A Summary of Multirate Digital Signal Processing

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The Hong Kong Polytechnic University Department of Electronic and Information Engineering EIE413 Digital Signal Processing Individual Essay

Multirate Digital Signal Processing

Instructor: W.C. Siu By HAN Shilu 07828567D

EIE413 Digital Signal Processing

Multirate Digital Signal Processing

In traditional digital signal processing system, there is always only one simple sampling rate (that is, the sampling frequency). The output signal has the same sampling rate with the input. In modern digital systems, however, there is an

increasing need to process data at more than one sampling rate. Sometimes the output of the system is required to have a different sampling rate of the input signal. This has lead the development of multirate digital signal processing, which is a new sub-area in DSP. For example, the sampling rate for an audio CD (compact disc) is 44.1 kHz. If we want to transfer data from the CD to a DAT (digital audio tape) at a sampling rate of 48 kHz, we need to increase the frequency of the data first using a multirate approach. There are two primary options we have in multirate processing. The first is decimation. The sampling rate fs of a given signal x[n] is decreased. This approach is also called down sampling. The second is interpolation. We can increase the sampling rate fs of the given signal x[n]. This approach is also called up sampling. In this paragraph, we are going to discuss the general principles of decimation and interpolation in multirate processing and sampling conversion by non-integer factor.

Decimation by an Integer Factor
Decimation is simply the process of decreasing the sampling frequency of an input signal to a desired value. In this part, we shall confine our attention to a decrease by an integer factor M. For example, we have an input signal I = {1, 3, 5, 7, 9, 11, 13, 2, 4, 6, 8, 10, 12}. The output signal y[n] is formed by taking every Mth sample of the input signal. If M=4, we should just take every fourth sample of x[n] to obtain the desired signal y[m] = {1, 9, 4, 12}. According to Nyquist sampling theorem, we know that aliasing will occur in the down sampled signal because of the reduced sampling rate. After the signal is down sampled by a factor M, the new sampling frequency fsM becomes fs/M, where fs is the original sampling frequency. The folding frequency after 1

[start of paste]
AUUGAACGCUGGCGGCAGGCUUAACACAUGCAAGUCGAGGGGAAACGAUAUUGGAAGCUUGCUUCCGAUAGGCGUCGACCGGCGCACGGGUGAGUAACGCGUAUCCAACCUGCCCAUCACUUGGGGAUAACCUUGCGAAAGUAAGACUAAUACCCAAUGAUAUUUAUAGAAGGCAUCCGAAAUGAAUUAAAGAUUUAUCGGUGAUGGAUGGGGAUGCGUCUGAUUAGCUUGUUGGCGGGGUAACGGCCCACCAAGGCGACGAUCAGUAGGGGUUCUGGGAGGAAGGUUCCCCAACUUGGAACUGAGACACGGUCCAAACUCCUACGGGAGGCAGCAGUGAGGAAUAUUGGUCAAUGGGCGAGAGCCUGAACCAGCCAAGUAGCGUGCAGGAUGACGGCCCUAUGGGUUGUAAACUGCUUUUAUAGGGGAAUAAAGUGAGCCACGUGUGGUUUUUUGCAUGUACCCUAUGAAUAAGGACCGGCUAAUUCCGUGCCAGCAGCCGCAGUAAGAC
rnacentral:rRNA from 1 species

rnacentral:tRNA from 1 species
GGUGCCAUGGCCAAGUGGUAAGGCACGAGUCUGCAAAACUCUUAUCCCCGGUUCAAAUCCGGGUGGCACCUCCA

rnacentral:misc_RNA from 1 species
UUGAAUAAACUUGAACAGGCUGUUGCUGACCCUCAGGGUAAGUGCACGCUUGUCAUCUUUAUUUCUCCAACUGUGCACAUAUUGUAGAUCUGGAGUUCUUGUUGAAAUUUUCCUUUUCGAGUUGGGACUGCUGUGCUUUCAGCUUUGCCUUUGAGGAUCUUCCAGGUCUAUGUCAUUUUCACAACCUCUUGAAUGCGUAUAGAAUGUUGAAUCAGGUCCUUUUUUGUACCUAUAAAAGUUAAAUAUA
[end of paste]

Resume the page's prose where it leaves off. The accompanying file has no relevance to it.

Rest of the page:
EIE413 Digital Signal Processing

Multirate Digital Signal Processing

down sampling becomes fs/2M. If the original signal has frequency components than the new folding frequency, aliasing will be introduced to the output signal. In order to solve the problem, it is necessary to process the original signal x[n] through a lowpass filter H(z) which has a cut-off frequency of fs/2M. The corresponding normalized cut-off frequency should be vc = (fs/2M) / fs = 1/2M. The filtered output in terms of z-transform can be written as W(z) = H(z)X(z). Where X(z) is the z-transform of the original signal x[n]. After passing through the lowpass filter, the value of the down sampled signal y(m) can be obtained from the filtered output: y(m) = w(mM). The process of down sampling by a factor of 3 is shown in Figure 1A. And Figure 1B shows the corresponding spectral for x(n), w(n) and y(m).

Figure 1A. Down sampling with M=3.

Figure 1B. Spectral after down sampling.

It has to be decided whether IIR or FIR should be used for the lowpass filtering required. The use of an IIR filter has an obvious short coming. Previous outputs are required to compute the Mth output. The computation is too complicated. We cannot take the advantage that we only have to compute every Mth output. If, however, an FIR filter is used, we can do our computations at the rate of fs /M. We can obtain the desired output y(m) by the equation: y(m) = w(mM) = ∑ .

Another advantage of an FIR filter is that it is easy to design a linear phase filter 2

EIE413 Digital Signal Processing which is desirable in many cases....
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